I grew up in a household where meatballs were served regularly. Mostly they were the kind made by church ladies for potluck suppers–my mother being one of them. I remember gobbling up tiny sweet and sour meatballs made as appetizers, giant-sized Italian meatballs balancing on top of a plate of spaghetti, and then there were the Swedish meatballs, floating in a gravy rich with sour cream. So with a foot in both the Swedish and Italian heritage communities, I think I know something about meatballs.
As I grew older and had a family of my own I developed my own meatball-making style. They’re still a comfort food to me, but I’ve tried to make them healthier by using leaner meats, less fats in the sauce or gravy, and more spices to increase flavor. Meatballs make a satisfying meal and can almost always be made ahead and frozen. I like to make twice the amount I need for a meal and freeze the extras. It’s reassuring to know you have the basis for a meal that can be prepared quickly when you don’t have time to cook.
These are the six principles I keep in mind when making meatballs:
1. Keep it lean. Opt for meat that is 90% lean. If you want to use a fattier meat, such as pork for flavor, combine it with something leaner like turkey breast which is 99%lean.
2. Use whole grain binders. Typically meatballs use bread or breadcrumbs as a binder. Use wholegrain versions or brown rice to add fiber and nutrients.
3. Use plenty of herbs and spices. The saying “fat equals flavor” is true, but if you cut back on fat you must make up for its flavor by adding dried or fresh herbs and spices to bump up the flavor.
4. Change how you serve them. A healthier meatball is great but not very appetizing if served over a pile of white rice. So think of other sides to pair them with like polenta, whole wheat noodles, or brown rice. If you’re making a meatball sub use a whole grain roll.
5. Don’t overmix. Be careful to mix the ingredients just till they’re combined and handle gently when forming the meatballs, otherwise they will be tough.
6. Cook smarter. There is no need to cook meatballs in tons of oil… If cooked in a skillet , just a tablespoon of olive oil will provide enough lubrication to get them started. The advent of non-stick pans has been a great help in this regard. Meatballs can also be baked on a baking sheet lined with foil for easy cleanup.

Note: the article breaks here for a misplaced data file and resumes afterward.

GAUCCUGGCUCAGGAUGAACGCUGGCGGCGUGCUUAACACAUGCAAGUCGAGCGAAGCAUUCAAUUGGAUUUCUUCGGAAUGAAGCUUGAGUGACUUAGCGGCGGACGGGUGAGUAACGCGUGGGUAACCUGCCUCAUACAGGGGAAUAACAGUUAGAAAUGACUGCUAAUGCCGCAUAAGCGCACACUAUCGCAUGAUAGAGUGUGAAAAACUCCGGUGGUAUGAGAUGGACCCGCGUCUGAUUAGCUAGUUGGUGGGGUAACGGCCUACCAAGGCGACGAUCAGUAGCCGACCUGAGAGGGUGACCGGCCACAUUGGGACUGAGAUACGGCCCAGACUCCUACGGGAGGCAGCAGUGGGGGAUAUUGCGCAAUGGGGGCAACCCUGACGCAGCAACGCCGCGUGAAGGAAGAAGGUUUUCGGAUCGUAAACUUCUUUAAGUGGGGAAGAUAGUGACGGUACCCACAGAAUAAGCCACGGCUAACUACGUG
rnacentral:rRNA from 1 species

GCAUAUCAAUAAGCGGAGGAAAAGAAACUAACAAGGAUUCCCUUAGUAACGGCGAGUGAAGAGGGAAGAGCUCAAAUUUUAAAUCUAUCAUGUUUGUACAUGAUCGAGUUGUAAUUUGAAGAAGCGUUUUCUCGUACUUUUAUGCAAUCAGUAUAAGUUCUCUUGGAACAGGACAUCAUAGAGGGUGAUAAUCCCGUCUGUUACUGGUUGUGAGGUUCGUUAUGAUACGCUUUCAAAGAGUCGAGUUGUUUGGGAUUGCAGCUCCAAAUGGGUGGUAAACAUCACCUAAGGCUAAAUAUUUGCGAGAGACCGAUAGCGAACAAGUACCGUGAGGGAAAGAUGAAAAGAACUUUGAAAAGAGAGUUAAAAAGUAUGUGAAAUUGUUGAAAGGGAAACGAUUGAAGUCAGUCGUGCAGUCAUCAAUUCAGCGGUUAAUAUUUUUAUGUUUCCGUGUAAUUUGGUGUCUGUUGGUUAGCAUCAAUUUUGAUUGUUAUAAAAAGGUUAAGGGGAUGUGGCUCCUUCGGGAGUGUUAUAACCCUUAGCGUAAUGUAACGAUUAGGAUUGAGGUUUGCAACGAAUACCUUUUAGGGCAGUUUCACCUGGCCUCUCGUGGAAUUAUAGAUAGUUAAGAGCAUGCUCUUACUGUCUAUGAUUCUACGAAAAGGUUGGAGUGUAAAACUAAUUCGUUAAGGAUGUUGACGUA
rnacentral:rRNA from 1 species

In the weeks ahead I would like to share with you a few of my recipes for meatballs, so today we will start with Swedish meatballs.
SERVINGS: about 5
- 1/2 cup finely chopped onion
- 1/4 cup dry breadcrumbs, whole wheat if possible
- 1/4 teaspoon ground nutmeg
- 1/4 teaspoon allspice
- 1 egg
- 1/4 cup milk or beef broth
- 1 lb. lean ground beef
- 1 can condensed cream of mushroom soup
- 1 12 oz. can evaporated milk
- 1 Tablespoon chopped parsley for garnish
1. Preheat oven to 350* and spray a 2-quart baking dish with non-stick spray.
2. In a large mixing bowl whisk together the egg and the milk ( or beef broth). Add the dry breadcrumbs and spices, and mix with the egg mixture. Allow to stand a few minutes to allow the breadcrumbs to absorb the liquid. Add the chopped onion and crumbled beef.
3. Mix all together lightly, and shape into 1 inch balls. Place on a lightly greased baking sheet.
4. Bake at 350* for about 20 minutes. Remove from the oven and drain the meatballs if needed. Place in the greased baking dish. In a separate bowl, whisk the soup with the evaporated milk until smooth. Pour over the meatballs.
5. Return to the oven and bake for another 15 – 20 minutes to heat through. Sprinkle with parsley before serving.
SOURCE: This is a major modification of my mother’s recipe.